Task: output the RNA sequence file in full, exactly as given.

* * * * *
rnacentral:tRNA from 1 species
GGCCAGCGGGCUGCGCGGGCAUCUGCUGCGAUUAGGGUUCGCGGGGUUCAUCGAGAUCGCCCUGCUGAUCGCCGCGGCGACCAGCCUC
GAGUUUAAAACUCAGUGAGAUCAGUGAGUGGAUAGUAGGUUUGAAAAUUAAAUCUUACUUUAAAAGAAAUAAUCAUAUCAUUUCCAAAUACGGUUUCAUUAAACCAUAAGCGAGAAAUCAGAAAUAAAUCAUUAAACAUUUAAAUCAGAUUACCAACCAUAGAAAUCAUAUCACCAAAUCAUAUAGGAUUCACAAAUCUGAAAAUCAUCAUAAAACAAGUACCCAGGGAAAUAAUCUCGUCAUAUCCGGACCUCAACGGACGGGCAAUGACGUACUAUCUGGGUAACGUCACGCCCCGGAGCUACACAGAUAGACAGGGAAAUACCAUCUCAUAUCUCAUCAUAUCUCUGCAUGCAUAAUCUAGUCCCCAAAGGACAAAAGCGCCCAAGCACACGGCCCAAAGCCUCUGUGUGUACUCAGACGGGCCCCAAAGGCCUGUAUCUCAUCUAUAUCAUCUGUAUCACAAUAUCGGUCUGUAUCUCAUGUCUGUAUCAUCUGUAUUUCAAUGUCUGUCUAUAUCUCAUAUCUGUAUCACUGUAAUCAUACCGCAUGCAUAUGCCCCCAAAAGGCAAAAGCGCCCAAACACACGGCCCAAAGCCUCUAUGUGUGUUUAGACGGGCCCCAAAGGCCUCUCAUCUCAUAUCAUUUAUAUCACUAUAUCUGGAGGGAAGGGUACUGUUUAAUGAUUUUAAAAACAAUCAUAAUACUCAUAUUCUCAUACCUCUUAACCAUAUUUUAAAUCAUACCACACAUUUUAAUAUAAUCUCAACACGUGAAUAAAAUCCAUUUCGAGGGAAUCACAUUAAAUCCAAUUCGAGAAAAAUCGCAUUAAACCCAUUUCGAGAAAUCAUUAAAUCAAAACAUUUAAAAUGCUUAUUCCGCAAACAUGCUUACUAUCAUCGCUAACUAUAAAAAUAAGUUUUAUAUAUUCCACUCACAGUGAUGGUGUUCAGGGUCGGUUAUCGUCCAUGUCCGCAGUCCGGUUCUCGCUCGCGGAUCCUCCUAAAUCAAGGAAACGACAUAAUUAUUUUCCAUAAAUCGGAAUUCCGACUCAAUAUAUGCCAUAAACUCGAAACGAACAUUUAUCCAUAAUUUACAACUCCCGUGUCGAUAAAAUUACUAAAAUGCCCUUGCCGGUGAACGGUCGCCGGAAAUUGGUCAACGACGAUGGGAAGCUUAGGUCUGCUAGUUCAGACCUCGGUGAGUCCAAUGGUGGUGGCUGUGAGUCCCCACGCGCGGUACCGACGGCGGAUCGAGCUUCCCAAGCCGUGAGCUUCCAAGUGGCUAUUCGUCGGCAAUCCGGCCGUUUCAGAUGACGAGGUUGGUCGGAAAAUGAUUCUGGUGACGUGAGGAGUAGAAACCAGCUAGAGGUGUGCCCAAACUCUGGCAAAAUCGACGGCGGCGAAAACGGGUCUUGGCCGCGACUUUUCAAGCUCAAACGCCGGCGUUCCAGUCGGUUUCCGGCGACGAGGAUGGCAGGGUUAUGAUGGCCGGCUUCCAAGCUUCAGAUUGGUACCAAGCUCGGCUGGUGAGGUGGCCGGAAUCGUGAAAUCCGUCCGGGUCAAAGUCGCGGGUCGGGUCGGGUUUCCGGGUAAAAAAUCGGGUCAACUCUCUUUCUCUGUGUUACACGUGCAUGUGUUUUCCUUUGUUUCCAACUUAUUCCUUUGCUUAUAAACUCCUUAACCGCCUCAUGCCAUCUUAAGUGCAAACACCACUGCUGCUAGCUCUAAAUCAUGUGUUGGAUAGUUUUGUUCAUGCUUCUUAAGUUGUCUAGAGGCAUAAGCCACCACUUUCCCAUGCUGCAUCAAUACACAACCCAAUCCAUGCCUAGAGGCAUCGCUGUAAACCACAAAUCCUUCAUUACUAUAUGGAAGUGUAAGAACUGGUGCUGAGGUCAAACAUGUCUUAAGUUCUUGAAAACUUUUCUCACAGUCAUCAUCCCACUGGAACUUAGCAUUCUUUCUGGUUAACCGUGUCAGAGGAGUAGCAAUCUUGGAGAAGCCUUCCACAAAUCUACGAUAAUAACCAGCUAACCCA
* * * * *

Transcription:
rnacentral:tRNA from 1 species
GGCCAGCGGGCUGCGCGGGCAUCUGCUGCGAUUAGGGUUCGCGGGGUUCAUCGAGAUCGCCCUGCUGAUCGCCGCGGCGACCAGCCUC
GAGUUUAAAACUCAGUGAGAUCAGUGAGUGGAUAGUAGGUUUGAAAAUUAAAUCUUACUUUAAAAGAAAUAAUCAUAUCAUUUCCAAAUACGGUUUCAUUAAACCAUAAGCGAGAAAUCAGAAAUAAAUCAUUAAACAUUUAAAUCAGAUUACCAACCAUAGAAAUCAUAUCACCAAAUCAUAUAGGAUUCACAAAUCUGAAAAUCAUCAUAAAACAAGUACCCAGGGAAAUAAUCUCGUCAUAUCCGGACCUCAACGGACGGGCAAUGACGUACUAUCUGGGUAACGUCACGCCCCGGAGCUACACAGAUAGACAGGGAAAUACCAUCUCAUAUCUCAUCAUAUCUCUGCAUGCAUAAUCUAGUCCCCAAAGGACAAAAGCGCCCAAGCACACGGCCCAAAGCCUCUGUGUGUACUCAGACGGGCCCCAAAGGCCUGUAUCUCAUCUAUAUCAUCUGUAUCACAAUAUCGGUCUGUAUCUCAUGUCUGUAUCAUCUGUAUUUCAAUGUCUGUCUAUAUCUCAUAUCUGUAUCACUGUAAUCAUACCGCAUGCAUAUGCCCCCAAAAGGCAAAAGCGCCCAAACACACGGCCCAAAGCCUCUAUGUGUGUUUAGACGGGCCCCAAAGGCCUCUCAUCUCAUAUCAUUUAUAUCACUAUAUCUGGAGGGAAGGGUACUGUUUAAUGAUUUUAAAAACAAUCAUAAUACUCAUAUUCUCAUACCUCUUAACCAUAUUUUAAAUCAUACCACACAUUUUAAUAUAAUCUCAACACGUGAAUAAAAUCCAUUUCGAGGGAAUCACAUUAAAUCCAAUUCGAGAAAAAUCGCAUUAAACCCAUUUCGAGAAAUCAUUAAAUCAAAACAUUUAAAAUGCUUAUUCCGCAAACAUGCUUACUAUCAUCGCUAACUAUAAAAAUAAGUUUUAUAUAUUCCACUCACAGUGAUGGUGUUCAGGGUCGGUUAUCGUCCAUGUCCGCAGUCCGGUUCUCGCUCGCGGAUCCUCCUAAAUCAAGGAAACGACAUAAUUAUUUUCCAUAAAUCGGAAUUCCGACUCAAUAUAUGCCAUAAACUCGAAACGAACAUUUAUCCAUAAUUUACAACUCCCGUGUCGAUAAAAUUACUAAAAUGCCCUUGCCGGUGAACGGUCGCCGGAAAUUGGUCAACGACGAUGGGAAGCUUAGGUCUGCUAGUUCAGACCUCGGUGAGUCCAAUGGUGGUGGCUGUGAGUCCCCACGCGCGGUACCGACGGCGGAUCGAGCUUCCCAAGCCGUGAGCUUCCAAGUGGCUAUUCGUCGGCAAUCCGGCCGUUUCAGAUGACGAGGUUGGUCGGAAAAUGAUUCUGGUGACGUGAGGAGUAGAAACCAGCUAGAGGUGUGCCCAAACUCUGGCAAAAUCGACGGCGGCGAAAACGGGUCUUGGCCGCGACUUUUCAAGCUCAAACGCCGGCGUUCCAGUCGGUUUCCGGCGACGAGGAUGGCAGGGUUAUGAUGGCCGGCUUCCAAGCUUCAGAUUGGUACCAAGCUCGGCUGGUGAGGUGGCCGGAAUCGUGAAAUCCGUCCGGGUCAAAGUCGCGGGUCGGGUCGGGUUUCCGGGUAAAAAAUCGGGUCAACUCUCUUUCUCUGUGUUACACGUGCAUGUGUUUUCCUUUGUUUCCAACUUAUUCCUUUGCUUAUAAACUCCUUAACCGCCUCAUGCCAUCUUAAGUGCAAACACCACUGCUGCUAGCUCUAAAUCAUGUGUUGGAUAGUUUUGUUCAUGCUUCUUAAGUUGUCUAGAGGCAUAAGCCACCACUUUCCCAUGCUGCAUCAAUACACAACCCAAUCCAUGCCUAGAGGCAUCGCUGUAAACCACAAAUCCUUCAUUACUAUAUGGAAGUGUAAGAACUGGUGCUGAGGUCAAACAUGUCUUAAGUUCUUGAAAACUUUUCUCACAGUCAUCAUCCCACUGGAACUUAGCAUUCUUUCUGGUUAACCGUGUCAGAGGAGUAGCAAUCUUGGAGAAGCCUUCCACAAAUCUACGAUAAUAACCAGCUAACCCA